Plummeting Ticket Prices

Bongorific

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All anecdotal, but...

I live in Nashua. 30 years ago we had 5 different Bambino (now Cal Ripken) leagues and a Little League in the city. Each part of town had its own league, with multiple levels and teams. Now the city has one league. There are 5 teams total in the 11-12 age group. Babe Ruth has shrunk from 20 teams to 4, and that's only because we opened up to some surrounding towns that couldn't put a single team together.

My son is a Freshman at a high school with 1700 kids. They couldn't field a Freshman team this year because only 7(!) Freshmen tried out. The program had no cuts and his JV team has 3 players on the team that have never played before at all.

As a coach, I never hear the kids talking about the Red Sox. Not ever. My son doesn't watch the games. I asked him how many current players he could name and he could only come up with Devers.

Now, he still likes going to Fenway for the experience, but him and his friends don't give a single shit about the Red Sox. That's from a sample of baseball players, I can't imagine it gets better with non-players.
This made me look up my hometown leagues (Framingham). When I played, Little League (T-Ball, Peanuts, AA, AAA, Majors), by the time we were in Majors (10-12 year olds?) we had an American and National League. 16 teams total. In Babe Ruth, at 13-14 year olds (I think) 12-ish teams.
Just looked it up, AAA has 6 teams and Babe Ruth has 4.
That’s unfortunate to hear. Our local baseball and softball leagues are booming. No idea why because I agree; I see far fewer baseball hats/jerseys on kids than basketball and football. Might just be a lot of local variation though. Our facilities are newish and quite large so they’ve been attracting a lot of regional and east coast tournaments. Parents keep signing their kids up because it’s a nice place to go and see people from town.
 

Yo La Tengo

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All anecdotal, but...

I live in Nashua. 30 years ago we had 5 different Bambino (now Cal Ripken) leagues and a Little League in the city. Each part of town had its own league, with multiple levels and teams. Now the city has one league. There are 5 teams total in the 11-12 age group. Babe Ruth has shrunk from 20 teams to 4, and that's only because we opened up to some surrounding towns that couldn't put a single team together.

My son is a Freshman at a high school with 1700 kids. They couldn't field a Freshman team this year because only 7(!) Freshmen tried out. The program had no cuts and his JV team has 3 players on the team that have never played before at all.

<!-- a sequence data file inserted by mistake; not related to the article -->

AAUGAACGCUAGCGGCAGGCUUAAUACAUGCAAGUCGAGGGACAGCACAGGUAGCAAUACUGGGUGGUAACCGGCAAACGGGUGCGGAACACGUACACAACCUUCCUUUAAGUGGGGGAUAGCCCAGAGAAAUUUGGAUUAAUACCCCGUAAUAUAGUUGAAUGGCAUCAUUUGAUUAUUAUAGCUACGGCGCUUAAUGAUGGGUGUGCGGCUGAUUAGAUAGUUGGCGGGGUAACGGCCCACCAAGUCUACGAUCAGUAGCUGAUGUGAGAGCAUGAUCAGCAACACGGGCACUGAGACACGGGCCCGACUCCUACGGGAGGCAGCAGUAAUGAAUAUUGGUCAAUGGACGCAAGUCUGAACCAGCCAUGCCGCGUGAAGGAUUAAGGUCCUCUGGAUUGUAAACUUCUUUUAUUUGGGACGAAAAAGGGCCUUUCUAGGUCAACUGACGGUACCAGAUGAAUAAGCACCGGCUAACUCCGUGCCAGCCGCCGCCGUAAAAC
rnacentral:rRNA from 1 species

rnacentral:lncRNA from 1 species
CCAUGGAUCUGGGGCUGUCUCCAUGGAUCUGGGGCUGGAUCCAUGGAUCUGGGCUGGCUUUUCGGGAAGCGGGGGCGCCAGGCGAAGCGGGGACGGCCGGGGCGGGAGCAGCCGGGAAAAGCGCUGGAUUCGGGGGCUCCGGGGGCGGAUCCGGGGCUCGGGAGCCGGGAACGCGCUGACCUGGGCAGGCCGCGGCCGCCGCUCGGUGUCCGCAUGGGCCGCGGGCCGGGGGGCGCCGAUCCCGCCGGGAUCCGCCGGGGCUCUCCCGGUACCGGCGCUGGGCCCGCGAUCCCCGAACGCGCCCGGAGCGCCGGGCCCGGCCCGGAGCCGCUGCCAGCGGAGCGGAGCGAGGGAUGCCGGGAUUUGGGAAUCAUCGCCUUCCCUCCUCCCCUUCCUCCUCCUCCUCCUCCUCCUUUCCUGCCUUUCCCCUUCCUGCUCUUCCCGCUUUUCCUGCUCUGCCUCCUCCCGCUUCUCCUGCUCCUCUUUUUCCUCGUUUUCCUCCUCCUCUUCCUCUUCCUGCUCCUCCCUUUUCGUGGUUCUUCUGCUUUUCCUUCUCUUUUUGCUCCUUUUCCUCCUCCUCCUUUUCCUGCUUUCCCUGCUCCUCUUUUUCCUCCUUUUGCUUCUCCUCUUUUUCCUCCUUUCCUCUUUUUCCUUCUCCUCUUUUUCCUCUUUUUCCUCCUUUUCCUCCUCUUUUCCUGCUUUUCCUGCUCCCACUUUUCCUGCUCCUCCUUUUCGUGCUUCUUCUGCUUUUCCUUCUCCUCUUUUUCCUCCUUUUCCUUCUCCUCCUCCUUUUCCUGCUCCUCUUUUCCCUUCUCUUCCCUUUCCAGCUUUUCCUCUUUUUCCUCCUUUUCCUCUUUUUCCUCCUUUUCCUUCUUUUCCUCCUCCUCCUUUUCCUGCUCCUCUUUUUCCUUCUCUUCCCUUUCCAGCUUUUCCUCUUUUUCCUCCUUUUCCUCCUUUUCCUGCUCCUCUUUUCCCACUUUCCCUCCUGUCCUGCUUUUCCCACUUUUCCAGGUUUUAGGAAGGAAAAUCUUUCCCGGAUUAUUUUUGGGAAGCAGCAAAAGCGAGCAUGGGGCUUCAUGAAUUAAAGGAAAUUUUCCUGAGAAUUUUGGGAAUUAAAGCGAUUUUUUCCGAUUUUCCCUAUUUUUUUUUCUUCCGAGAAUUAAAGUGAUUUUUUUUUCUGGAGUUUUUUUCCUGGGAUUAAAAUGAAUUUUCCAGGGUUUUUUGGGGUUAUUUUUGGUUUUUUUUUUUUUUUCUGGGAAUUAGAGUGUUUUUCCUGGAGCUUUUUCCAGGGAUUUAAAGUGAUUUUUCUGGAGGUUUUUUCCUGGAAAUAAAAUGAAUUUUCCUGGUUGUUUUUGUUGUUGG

I think a key factor is the skill/interest loss caused by missing seasons/practice due to COVID. It is really hard to be 11 years old and miss a year of baseball and then come back to play competitively. A significant number of eligible kids did not come back to our little league. That group is now entering high school and I've seen other local high school teams (in Maine) not being able to field a freshman team. The other factor for younger kids is travel baseball, which sucks, generally, and is damaging as it pulls kids from local leagues. Similarly, the American Legion teams were a huge deal in the 80s and 90s but have been almost completely replaced by pay-to-play options, with the only active legion teams in the more rural areas of the state.
 

dynomite

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So basically what you seem to keep pointing out is that as long as the total amount of tickets being sold and/or redistributed looks good on paper then the actual sport of baseball itself is doing fine.

So no apparent concerns for the long term sustainability of that product model when the underlying investment interest at the fan level in the said product, as more then a social gathering vehicle, seems to be on the steady decline?
No, what I’m trying to (apparently unsuccessfully) point out is that “baseball is dying” takes are as old as baseball itself.

So why are these “kids these days” takes (or one I’ve never heard before, that it is now a “social gathering vehicle”?) different than any of the identical takes over the past 100 years?

You seem to be dismissing ticket sales as a measure of the health of the sport.

Do you feel similarly about the fact that MLB (according to the stats I can find) was the 2nd most profitable sports league in the world (including the Premier League, La Liga, etc) in 2023, both in overall and per team revenue? https://en.m.wikipedia.org/wiki/List_of_professional_sports_leagues_by_revenue

As for “but the kids,” how about this, showing that even after the pandemic baseball showed the effectively no decline from 2018 to 2022 in participation among boys in high school?

Beyond golf, baseball experienced the best showing among top 10 boys sports from the 2018-19 survey with a decrease of only 1,736 – 482,740 to 481,004 – and remained fourth in popularity behind football, outdoor track and field, and basketball.
https://www.nfhs.org/articles/nfhs-releases-first-high-school-sports-participation-survey-in-three-years/

I’m not saying baseball is perfect. But I’m also not willing to just agree that “baseball is dying.”
 

Ale Xander

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Do you feel similarly about the fact that MLB (according to the stats I can find) was the 2nd most profitable sports league in the world (including the Premier League, La Liga, etc) in 2023, both in overall and per team revenue? https://en.m.wikipedia.org/wiki/List_of_professional_sports_leagues_by_revenue



I’m not saying baseball is perfect. But I’m also not willing to just agree that “baseball is dying.”